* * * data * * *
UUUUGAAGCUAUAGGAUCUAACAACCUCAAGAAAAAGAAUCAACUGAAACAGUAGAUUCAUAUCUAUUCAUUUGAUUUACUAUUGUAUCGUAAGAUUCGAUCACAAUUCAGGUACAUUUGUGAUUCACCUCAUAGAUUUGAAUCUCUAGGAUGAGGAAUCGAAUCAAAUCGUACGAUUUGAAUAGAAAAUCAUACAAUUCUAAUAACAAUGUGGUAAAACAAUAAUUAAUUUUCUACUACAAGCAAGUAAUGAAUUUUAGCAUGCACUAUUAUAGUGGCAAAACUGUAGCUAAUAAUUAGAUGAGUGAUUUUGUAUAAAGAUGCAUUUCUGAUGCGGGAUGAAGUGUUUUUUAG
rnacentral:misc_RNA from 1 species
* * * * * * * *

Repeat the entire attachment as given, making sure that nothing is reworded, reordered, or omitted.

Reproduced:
UUUUGAAGCUAUAGGAUCUAACAACCUCAAGAAAAAGAAUCAACUGAAACAGUAGAUUCAUAUCUAUUCAUUUGAUUUACUAUUGUAUCGUAAGAUUCGAUCACAAUUCAGGUACAUUUGUGAUUCACCUCAUAGAUUUGAAUCUCUAGGAUGAGGAAUCGAAUCAAAUCGUACGAUUUGAAUAGAAAAUCAUACAAUUCUAAUAACAAUGUGGUAAAACAAUAAUUAAUUUUCUACUACAAGCAAGUAAUGAAUUUUAGCAUGCACUAUUAUAGUGGCAAAACUGUAGCUAAUAAUUAGAUGAGUGAUUUUGUAUAAAGAUGCAUUUCUGAUGCGGGAUGAAGUGUUUUUUAG
rnacentral:misc_RNA from 1 species